Hopelink strives to promote self-sufficiency for all members of the community through housing, financial assistance, family development, and other social services. Since 1971, the organization has helped tens of thousands of people move from vulnerability and crisis to independence and stability.
Along with adult literacy programs, school-supply programs, and career development, Hopelink runs End Summer Hunger, an annual food and funds drive that helps ensure children from families with low incomes have enough to eat throughout the summer. Last year, End Summer Hunger—with the help of individuals, businesses, and schools—raised $181,439, plus thousands of pounds of food to meet the increased demands at Hopelink’s food banks during the summer months.
Motley Zoo Animal Rescue works to end pet overpopulation and the resulting deaths by euthanasia of healthy, adoptable pets by placing rescued cats and dogs with foster families until they are adopted. By adding the step of fostering to the adoption process, Motley Zoo reduces overcrowding in shelters and aids in each dog's transition to a new, permanent family. To help ensure health and prepare animals for new homes, Motley Zoo provides necessary veterinary care, such as spaying or neutering procedures. Motley Zoo also pairs pups with basic-care necessities and medical records, which follow them through the foster process and later go to the dog's new owners.
A Pampered Pooch cares for its canine clients with grooming, daycare, and boarding services, each designed to cater to owners as well as pets. A bath, brush, and dry leaves coats fluffy and free of grime, and nail trimming or grinding keeps pets from scratching up floors while tap-dancing. Dogs who arrive for daycare entertain in off-leash areas, where they play with other pups or with plenty of provided toys. Humans headed out of town can sign up their pets for boarding, which includes large personal suites and dog beds raised off of the floor. Owners can also opt for boarding add-ons that cater to their dog’s personality; staff can take active pups for a walk around the park or treat mellower dogs to one-on-one cuddling time or a midday bath and groom.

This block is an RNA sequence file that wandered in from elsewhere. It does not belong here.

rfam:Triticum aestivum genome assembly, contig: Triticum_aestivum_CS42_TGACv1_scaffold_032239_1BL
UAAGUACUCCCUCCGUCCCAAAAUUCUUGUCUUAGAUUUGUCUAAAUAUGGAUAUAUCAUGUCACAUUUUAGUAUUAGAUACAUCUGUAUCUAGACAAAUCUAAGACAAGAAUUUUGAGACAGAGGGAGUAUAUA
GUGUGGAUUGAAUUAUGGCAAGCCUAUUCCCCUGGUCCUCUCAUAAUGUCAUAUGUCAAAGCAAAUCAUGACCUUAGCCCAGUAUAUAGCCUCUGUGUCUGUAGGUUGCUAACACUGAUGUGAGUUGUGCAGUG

In 2006, Bellevue First Congregational Church opened a day center to provide respite for women who are homeless, and later opened The Sophia Way as an overnight shelter. It was equipped with 10 beds for single women who have no place to go for a night's rest. Today, the organization has recently acquired an additional space that can house 21 women at a time. In addition to overnight shelter, The Sophia Way also provides a two-year subsidized apartment for 45 women at a time, along with life-skills classes and case-management services to help the women work toward financial independence.